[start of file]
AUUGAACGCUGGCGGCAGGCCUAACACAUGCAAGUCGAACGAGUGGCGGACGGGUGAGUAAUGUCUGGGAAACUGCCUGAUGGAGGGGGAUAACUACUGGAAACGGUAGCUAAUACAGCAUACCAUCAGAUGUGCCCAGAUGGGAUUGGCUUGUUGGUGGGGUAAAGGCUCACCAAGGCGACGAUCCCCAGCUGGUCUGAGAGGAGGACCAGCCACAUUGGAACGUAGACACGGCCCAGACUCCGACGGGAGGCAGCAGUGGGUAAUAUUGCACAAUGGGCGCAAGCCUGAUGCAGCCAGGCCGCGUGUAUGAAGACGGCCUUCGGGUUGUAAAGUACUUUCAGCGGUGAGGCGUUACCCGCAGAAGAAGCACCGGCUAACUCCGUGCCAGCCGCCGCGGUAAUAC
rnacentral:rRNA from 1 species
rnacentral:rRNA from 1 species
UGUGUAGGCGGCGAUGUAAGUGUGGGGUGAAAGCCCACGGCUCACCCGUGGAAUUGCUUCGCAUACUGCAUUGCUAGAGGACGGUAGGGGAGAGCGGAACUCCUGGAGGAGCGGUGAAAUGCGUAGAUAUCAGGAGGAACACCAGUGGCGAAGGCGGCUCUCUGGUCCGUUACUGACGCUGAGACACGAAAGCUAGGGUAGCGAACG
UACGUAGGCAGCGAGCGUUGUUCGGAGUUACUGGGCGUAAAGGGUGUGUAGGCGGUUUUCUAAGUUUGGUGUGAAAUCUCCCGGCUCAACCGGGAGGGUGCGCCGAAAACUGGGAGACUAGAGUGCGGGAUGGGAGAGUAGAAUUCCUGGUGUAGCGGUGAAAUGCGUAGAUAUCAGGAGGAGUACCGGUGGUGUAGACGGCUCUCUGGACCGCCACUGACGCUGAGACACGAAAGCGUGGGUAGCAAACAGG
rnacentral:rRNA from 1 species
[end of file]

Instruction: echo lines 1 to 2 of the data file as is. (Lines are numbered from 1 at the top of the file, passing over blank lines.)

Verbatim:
AUUGAACGCUGGCGGCAGGCCUAACACAUGCAAGUCGAACGAGUGGCGGACGGGUGAGUAAUGUCUGGGAAACUGCCUGAUGGAGGGGGAUAACUACUGGAAACGGUAGCUAAUACAGCAUACCAUCAGAUGUGCCCAGAUGGGAUUGGCUUGUUGGUGGGGUAAAGGCUCACCAAGGCGACGAUCCCCAGCUGGUCUGAGAGGAGGACCAGCCACAUUGGAACGUAGACACGGCCCAGACUCCGACGGGAGGCAGCAGUGGGUAAUAUUGCACAAUGGGCGCAAGCCUGAUGCAGCCAGGCCGCGUGUAUGAAGACGGCCUUCGGGUUGUAAAGUACUUUCAGCGGUGAGGCGUUACCCGCAGAAGAAGCACCGGCUAACUCCGUGCCAGCCGCCGCGGUAAUAC
rnacentral:rRNA from 1 species